The opportunity to include charitable giving in the estate planning of U.S. citizens is largely overlooked by the vast majority of people in our nation. When they pass property from one generation to another, those who take advantage of remembering charitable organizations not only give their families a firsthand example of generosity that makes the world a better place for succeeding heirs, they literally pass on a legacy that extends the Biblical calling to be a blessing.
Statistically, only 8% of U. S. estates that are documented include a charitable gift. <Your ministry> hopes to put the idea of charitable planning in the forefront of the minds of Christian people. It is expected that more people with baptismal faith should include charitable causes that align with their highest values if the idea was ‘top of mind’ or more prevalent when they completed their plans.
We hope that more people will continue to do in their death what they have done during their entire lives; namely share love with family members and support the work of the Lord. But such giving must be planned while one is able to plan. If a person waits until they are no longer able to make their own decisions or until they die, charitable planning is not likely to happen.
Among the benefits of charitable gift planning are conserving taxes, assuring principal and income for family members and providing the joy that comes with fulfilling the Great Commission and living outside of self, even in ones entry into eternal peace.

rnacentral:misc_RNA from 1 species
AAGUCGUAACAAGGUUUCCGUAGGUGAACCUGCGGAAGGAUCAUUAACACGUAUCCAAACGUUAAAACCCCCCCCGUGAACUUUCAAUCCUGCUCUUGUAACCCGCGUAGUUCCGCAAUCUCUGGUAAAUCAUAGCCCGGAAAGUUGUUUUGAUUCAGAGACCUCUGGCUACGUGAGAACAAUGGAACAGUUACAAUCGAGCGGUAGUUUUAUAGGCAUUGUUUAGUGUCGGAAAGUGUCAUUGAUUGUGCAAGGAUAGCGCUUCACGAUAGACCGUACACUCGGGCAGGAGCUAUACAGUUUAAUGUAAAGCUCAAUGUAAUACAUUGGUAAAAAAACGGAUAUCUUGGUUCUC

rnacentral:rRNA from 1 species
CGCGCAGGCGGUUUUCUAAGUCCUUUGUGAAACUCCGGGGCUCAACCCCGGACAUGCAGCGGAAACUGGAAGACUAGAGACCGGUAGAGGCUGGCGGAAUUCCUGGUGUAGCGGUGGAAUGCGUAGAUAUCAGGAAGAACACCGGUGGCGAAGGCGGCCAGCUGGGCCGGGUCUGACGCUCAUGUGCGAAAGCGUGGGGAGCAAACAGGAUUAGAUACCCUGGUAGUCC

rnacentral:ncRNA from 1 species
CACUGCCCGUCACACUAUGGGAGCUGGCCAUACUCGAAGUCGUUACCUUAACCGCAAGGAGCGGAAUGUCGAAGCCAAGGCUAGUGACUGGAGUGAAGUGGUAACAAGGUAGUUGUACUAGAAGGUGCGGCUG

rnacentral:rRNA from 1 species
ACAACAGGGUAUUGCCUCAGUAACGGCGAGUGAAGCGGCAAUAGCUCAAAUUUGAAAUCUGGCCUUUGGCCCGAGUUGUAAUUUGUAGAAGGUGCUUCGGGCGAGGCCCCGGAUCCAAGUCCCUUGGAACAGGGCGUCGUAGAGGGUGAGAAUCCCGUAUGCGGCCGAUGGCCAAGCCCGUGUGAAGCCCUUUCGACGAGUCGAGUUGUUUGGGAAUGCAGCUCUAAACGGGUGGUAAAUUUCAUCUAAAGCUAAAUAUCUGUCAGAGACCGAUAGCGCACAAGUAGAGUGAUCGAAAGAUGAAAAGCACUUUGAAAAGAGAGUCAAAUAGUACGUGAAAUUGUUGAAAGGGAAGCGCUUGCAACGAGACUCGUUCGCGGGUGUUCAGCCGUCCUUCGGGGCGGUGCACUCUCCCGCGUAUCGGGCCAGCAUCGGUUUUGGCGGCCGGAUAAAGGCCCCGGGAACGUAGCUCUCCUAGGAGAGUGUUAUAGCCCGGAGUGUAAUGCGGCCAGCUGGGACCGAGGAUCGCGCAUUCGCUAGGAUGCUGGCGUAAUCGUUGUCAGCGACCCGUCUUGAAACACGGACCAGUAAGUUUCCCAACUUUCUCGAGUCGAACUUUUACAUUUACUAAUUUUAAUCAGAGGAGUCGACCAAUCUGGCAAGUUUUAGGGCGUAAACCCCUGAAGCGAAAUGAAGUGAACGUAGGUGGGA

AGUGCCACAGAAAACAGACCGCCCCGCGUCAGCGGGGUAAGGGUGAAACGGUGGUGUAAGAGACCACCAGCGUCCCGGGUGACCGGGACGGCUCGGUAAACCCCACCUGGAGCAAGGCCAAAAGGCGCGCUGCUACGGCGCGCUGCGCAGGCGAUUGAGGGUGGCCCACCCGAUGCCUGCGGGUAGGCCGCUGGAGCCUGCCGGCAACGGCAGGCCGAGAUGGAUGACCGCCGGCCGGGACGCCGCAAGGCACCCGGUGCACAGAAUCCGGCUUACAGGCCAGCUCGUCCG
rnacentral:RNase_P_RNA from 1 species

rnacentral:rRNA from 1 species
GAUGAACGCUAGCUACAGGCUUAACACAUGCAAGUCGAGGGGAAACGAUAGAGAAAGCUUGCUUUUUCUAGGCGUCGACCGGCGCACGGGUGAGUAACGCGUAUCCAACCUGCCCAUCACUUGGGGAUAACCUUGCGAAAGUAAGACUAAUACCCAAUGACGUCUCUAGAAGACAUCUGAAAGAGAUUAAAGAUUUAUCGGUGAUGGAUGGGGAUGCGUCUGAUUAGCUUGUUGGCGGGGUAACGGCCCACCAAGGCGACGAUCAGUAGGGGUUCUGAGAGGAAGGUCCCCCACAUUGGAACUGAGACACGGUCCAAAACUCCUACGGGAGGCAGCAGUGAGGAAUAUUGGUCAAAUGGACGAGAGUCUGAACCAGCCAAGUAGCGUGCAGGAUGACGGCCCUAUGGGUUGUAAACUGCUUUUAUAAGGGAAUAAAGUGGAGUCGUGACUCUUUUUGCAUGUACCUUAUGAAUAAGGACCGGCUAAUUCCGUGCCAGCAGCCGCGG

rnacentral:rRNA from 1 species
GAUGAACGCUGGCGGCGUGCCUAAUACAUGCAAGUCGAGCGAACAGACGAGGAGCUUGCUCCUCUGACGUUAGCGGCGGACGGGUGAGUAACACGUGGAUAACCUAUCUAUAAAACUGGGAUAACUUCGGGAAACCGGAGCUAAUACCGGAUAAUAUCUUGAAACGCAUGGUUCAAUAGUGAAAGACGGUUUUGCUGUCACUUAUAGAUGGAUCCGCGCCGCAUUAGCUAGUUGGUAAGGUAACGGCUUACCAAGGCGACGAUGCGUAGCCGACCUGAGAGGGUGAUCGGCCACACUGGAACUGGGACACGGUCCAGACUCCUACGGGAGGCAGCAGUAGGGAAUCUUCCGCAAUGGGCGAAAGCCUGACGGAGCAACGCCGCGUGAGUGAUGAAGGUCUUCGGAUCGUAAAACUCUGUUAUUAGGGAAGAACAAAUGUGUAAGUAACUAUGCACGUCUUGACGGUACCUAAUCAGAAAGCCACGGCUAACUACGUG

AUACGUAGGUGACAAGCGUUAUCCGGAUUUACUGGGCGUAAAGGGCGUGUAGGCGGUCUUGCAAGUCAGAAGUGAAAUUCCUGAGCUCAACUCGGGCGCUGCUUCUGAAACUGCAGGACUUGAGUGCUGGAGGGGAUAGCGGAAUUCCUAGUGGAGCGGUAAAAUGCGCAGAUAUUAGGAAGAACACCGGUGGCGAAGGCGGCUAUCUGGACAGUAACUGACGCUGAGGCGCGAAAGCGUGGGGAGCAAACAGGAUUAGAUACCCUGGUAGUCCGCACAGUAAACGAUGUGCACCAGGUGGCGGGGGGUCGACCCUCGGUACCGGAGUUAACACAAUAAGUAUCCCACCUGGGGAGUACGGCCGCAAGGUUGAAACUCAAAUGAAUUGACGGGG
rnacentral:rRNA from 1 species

Charitable gift planning involves the spiritual stewardship process of looking at a person’s economic situation with a trained guide who shares your faith and helps you discern relevant options, and then supports you and your advisors to identify the opportunities and planning options that work best. Contrary to popular myth, a person can witness their faith and support ministries without disinheriting their family.
Christians worship a God who justifies a place of first priority in their lives. The congregations and ministry organizations we support can be considered at the same priority level as our family/heirs. These entities will assure that the future of the Christian faith will be stronger for our children’s children.
In charitable gift planning, you will discover useful options that can bring blessings to your home; including beneficial options to avoid tax traps with qualified retirement account plans.
Learn more from Robert Wirth, Gift Planner and our partner, the LCMS Foundation. We can walk you through the gift planning process confidentially. email@example.com or 716-863-4427.